A dedicated scuba diver, marine-biology educator and environmental campaigner from Victoria in south-eastern Australia has died while on a local recreational dive.
Trent Williams, 47, lived in Mount Martha on the east side of Port Philip Bay near the state capital, Melbourne. The father-of-three had been out with charter-boat operator Redboats, diving about 4km from the entrance to the bay on the morning of 9 April.
Emergency services responded to reports that a diver was in difficulties. Williams was recovered from the sea and brought ashore, but attempts to resuscitate him proved unsuccessful.
Since 2013 Williams had worked as a volunteer with Sea Shepherd Australia, crewing on the eco-activists’ vessels during anti-whaling campaigns in both Japan and the Faroe Islands.
As one of the organisation’s marine debris co-ordinators, he led teams on regular beach and seabed clean-ups, while as part of its education team he would give presentations on the marine environment, particularly that around Port Philip Bay, to schools, community and business groups in Victoria.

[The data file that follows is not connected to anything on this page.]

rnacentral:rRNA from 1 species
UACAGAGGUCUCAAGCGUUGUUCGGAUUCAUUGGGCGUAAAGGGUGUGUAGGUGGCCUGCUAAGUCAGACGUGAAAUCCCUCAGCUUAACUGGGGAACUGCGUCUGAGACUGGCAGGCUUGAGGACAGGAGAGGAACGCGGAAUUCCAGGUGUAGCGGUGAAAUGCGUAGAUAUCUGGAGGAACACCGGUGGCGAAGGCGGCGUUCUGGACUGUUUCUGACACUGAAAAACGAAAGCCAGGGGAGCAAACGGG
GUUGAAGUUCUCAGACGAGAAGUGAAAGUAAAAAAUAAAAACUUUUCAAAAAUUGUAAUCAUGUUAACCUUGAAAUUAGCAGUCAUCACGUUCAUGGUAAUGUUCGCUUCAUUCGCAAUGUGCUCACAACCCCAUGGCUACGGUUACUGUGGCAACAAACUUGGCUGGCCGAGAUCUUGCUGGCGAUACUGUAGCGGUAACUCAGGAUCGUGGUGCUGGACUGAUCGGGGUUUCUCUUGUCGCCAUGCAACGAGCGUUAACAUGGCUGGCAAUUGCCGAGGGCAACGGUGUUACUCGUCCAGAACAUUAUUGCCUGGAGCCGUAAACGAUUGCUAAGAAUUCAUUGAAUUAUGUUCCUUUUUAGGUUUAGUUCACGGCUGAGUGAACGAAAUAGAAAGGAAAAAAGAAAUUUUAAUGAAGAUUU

Williams had presented evidence of the damaging effects of plastics to a parliamentary committee during a campaign to ban plastic bags in the state. Recently he had been a leading figure in a campaign to save the historic Flinders Pier from threatened demolition.
“Trent passed away unexpectedly doing what he loved most: diving,” wrote Flinders Community Association chair Charles Reis, adding that both the association and the Save Flinders Pier campaign had “lost a dedicated, visionary and dynamic community leader, the likes of which are so rare”.
Earlier this year Williams had fulfilled a long-held ambition when he had been accepted by the University of Tasmania to study Antarctic and marine climate science.
Police said that an investigation of the fatal incident involving WorkSafe Victoria (health & safety body) was underway, and that a coroner’s report would be produced.